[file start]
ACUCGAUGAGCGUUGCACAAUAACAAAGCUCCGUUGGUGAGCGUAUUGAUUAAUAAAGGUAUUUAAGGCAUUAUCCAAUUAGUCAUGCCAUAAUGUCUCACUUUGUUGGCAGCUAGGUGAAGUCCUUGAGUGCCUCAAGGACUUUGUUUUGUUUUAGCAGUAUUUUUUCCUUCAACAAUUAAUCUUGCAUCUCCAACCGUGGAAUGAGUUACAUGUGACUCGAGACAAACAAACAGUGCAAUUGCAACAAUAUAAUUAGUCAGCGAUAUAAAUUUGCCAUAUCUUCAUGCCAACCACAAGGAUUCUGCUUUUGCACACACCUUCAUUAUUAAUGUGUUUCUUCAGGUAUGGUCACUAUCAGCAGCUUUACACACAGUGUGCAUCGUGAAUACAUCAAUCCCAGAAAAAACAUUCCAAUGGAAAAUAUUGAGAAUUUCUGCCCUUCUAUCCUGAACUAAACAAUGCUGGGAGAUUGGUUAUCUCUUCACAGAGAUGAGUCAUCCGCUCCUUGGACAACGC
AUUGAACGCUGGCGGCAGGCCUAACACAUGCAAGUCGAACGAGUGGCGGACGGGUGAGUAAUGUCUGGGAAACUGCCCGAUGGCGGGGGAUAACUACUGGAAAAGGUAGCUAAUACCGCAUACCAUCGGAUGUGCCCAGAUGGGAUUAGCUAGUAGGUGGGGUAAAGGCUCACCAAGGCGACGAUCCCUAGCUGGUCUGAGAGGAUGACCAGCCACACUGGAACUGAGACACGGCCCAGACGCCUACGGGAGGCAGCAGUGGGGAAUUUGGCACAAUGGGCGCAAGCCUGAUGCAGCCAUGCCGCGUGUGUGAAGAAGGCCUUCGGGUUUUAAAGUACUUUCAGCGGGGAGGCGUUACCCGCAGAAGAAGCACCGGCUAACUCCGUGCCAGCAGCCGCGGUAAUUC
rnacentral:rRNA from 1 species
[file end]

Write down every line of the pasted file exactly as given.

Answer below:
ACUCGAUGAGCGUUGCACAAUAACAAAGCUCCGUUGGUGAGCGUAUUGAUUAAUAAAGGUAUUUAAGGCAUUAUCCAAUUAGUCAUGCCAUAAUGUCUCACUUUGUUGGCAGCUAGGUGAAGUCCUUGAGUGCCUCAAGGACUUUGUUUUGUUUUAGCAGUAUUUUUUCCUUCAACAAUUAAUCUUGCAUCUCCAACCGUGGAAUGAGUUACAUGUGACUCGAGACAAACAAACAGUGCAAUUGCAACAAUAUAAUUAGUCAGCGAUAUAAAUUUGCCAUAUCUUCAUGCCAACCACAAGGAUUCUGCUUUUGCACACACCUUCAUUAUUAAUGUGUUUCUUCAGGUAUGGUCACUAUCAGCAGCUUUACACACAGUGUGCAUCGUGAAUACAUCAAUCCCAGAAAAAACAUUCCAAUGGAAAAUAUUGAGAAUUUCUGCCCUUCUAUCCUGAACUAAACAAUGCUGGGAGAUUGGUUAUCUCUUCACAGAGAUGAGUCAUCCGCUCCUUGGACAACGC
AUUGAACGCUGGCGGCAGGCCUAACACAUGCAAGUCGAACGAGUGGCGGACGGGUGAGUAAUGUCUGGGAAACUGCCCGAUGGCGGGGGAUAACUACUGGAAAAGGUAGCUAAUACCGCAUACCAUCGGAUGUGCCCAGAUGGGAUUAGCUAGUAGGUGGGGUAAAGGCUCACCAAGGCGACGAUCCCUAGCUGGUCUGAGAGGAUGACCAGCCACACUGGAACUGAGACACGGCCCAGACGCCUACGGGAGGCAGCAGUGGGGAAUUUGGCACAAUGGGCGCAAGCCUGAUGCAGCCAUGCCGCGUGUGUGAAGAAGGCCUUCGGGUUUUAAAGUACUUUCAGCGGGGAGGCGUUACCCGCAGAAGAAGCACCGGCUAACUCCGUGCCAGCAGCCGCGGUAAUUC
rnacentral:rRNA from 1 species